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Old 18th July 2013, 05:14 PM   #1
Bigun is offline Bigun  Canada
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Default TGM7 - an amplifier based on Greg Ball SKA

[scroll down to post #8 for initial schematic, post #183 for as-built schematic, post #160 for photo of final pcb]

With the public release of the schematics for Greg's very well regarded power amplifier "Simple Killer Amp" !... I am going to start a new build.

I have dubbed this the 'TGM7', it's how I number my projects. This is the 7th one. Each project I try to do something different to learn something new. The new elements for this project that interest me are i) MOSFET outputs (never used them before), ii) double LTP input (never used this before), iii) Greg's novel topology for high PSRR and iv) I want to use a commercial pcb vendor instead of making my own pcb. I plan to use Freeware Eagle to design the pcb and I'd welcome help.


What I plan to do differently from Greg's original GB150 ?
- since Greg is not releasing his pcb layout I'd like to develop a new one, possibly using a different form factor (Eagle Freeware is limited to 100mm x 80mm anyway).
- component choices will be looked at, some of the original devices are not easily found. I am also not shy to use surface mount parts as there are many more choices of good components in this format. Many surface mount parts are relatively large and do not need to be a chore to use. It allows for a compact pcb design with less solder and less risk of bad joints.

If anyone else is interested feel free to weigh in with your advice etc.


EDIT: some things changed after I started this thread so I have edited this opening post:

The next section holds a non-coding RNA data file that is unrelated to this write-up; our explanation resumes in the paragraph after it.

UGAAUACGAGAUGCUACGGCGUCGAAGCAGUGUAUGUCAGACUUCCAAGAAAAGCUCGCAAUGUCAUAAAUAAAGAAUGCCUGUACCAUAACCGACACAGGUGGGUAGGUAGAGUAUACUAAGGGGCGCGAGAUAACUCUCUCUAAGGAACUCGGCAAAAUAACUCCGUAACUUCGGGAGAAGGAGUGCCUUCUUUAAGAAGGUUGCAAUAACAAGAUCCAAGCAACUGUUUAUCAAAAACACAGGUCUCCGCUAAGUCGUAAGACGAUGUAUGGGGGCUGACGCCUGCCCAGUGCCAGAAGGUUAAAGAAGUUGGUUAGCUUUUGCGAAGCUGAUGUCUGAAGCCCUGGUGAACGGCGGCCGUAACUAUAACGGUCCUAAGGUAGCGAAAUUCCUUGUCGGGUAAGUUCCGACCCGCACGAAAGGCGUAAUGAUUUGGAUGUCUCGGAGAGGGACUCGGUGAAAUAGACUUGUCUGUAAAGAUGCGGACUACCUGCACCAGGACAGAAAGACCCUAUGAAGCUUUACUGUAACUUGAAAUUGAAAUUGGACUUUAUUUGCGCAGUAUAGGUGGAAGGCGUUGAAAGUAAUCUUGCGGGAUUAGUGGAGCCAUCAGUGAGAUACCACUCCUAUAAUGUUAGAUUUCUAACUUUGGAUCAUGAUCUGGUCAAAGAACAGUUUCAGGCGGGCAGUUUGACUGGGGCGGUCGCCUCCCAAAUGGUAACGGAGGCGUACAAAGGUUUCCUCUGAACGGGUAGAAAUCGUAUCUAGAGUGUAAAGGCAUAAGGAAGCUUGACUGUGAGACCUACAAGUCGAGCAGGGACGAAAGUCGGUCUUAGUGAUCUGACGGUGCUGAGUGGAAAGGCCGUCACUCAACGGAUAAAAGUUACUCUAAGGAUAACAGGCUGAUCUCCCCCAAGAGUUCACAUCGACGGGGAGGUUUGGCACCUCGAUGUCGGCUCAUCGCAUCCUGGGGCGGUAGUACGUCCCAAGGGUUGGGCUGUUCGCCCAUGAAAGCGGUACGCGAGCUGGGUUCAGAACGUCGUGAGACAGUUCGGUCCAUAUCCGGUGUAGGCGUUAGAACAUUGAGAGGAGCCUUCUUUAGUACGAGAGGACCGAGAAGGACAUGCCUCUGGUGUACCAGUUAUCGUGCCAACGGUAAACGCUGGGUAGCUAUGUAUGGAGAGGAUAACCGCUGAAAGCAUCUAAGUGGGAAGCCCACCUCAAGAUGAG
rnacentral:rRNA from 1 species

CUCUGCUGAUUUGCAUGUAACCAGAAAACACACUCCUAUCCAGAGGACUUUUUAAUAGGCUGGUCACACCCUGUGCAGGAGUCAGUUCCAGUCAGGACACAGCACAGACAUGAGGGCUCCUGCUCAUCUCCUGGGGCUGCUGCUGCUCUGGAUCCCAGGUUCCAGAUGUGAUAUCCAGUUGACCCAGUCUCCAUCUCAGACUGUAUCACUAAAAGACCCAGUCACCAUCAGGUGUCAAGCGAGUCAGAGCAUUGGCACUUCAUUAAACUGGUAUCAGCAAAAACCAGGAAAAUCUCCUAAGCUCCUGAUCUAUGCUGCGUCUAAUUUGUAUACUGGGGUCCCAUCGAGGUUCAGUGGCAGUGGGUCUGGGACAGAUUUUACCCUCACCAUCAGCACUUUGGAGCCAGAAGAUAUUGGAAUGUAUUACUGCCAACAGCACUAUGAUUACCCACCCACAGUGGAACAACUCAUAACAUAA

1) I'm building with two pairs of FETs, same as Greg
2) Modified current sources.

EDIT: since the first version suffered from oscillations I have done a new layout for the pcb. This time I have included the option for a new topology - replacing the front end dual LTPs with complementary singleton inputs (some folk call this a current feedback amplifier or 'CFA') but this option has lower PSRR

...and Paulo built his own version with through-hole parts :-)
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Last edited by Bigun; 29th April 2014 at 02:55 PM.
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Old 18th July 2013, 06:00 PM   #2
PauloPT is offline PauloPT  Portugal
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I hate SMDs...

A sugestion: design a cd servo instead of the NFB cap. DC coupled the amp sounds fabulous!
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Old 18th July 2013, 06:33 PM   #3
mlloyd1 is online now mlloyd1  United States
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sounds like fun.
i'll be watching.
btw, if you are not wed to Eagle, you might have more options using Diptrace free versions.

mlloyd1
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Old 18th July 2013, 07:17 PM   #4
CBS240 is offline CBS240  United States
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With Eagle lite, you can draw outside that limit and include it within your PCB boarder, you just cannot place parts from the schematic page there. SMDs are the new way to go, just be aware of Pd derating. I use tiny SMD extensively without issue.

Q-fet is Fairchild's designation for the planer stripe type vertical mosfets. This style of fet is produced by other companies now but I think Fairchild's Q-fets were some of the first ones produced. Minor differences compared to cellular hex type devices is a sharper increase in Cgd at Vds saturation, and a greater dependence of Gm upon Vds for a given Vgs. This may or may not be an issue depending on the circuit. They do seem to be able to take more abuse though. I like them quite a bit but I have only used them in class A or with some sort of local error correction such as HEC. I have noticed that the only thing different between FQA designation and FQP is the package size. Some of them are available in both packages and the only difference in the datasheet is Pd and Pd derating. They are the same die. Also, I have found that if you can find a way to eliminate the mica under the tab and mount them directly to a larger hunk of metal like in this amp, the TO-220 devices will surprise you at the amount of power they can handle.
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Old 18th July 2013, 09:41 PM   #5
Bigun is offline Bigun  Canada
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Quote:
Originally Posted by PauloPT View Post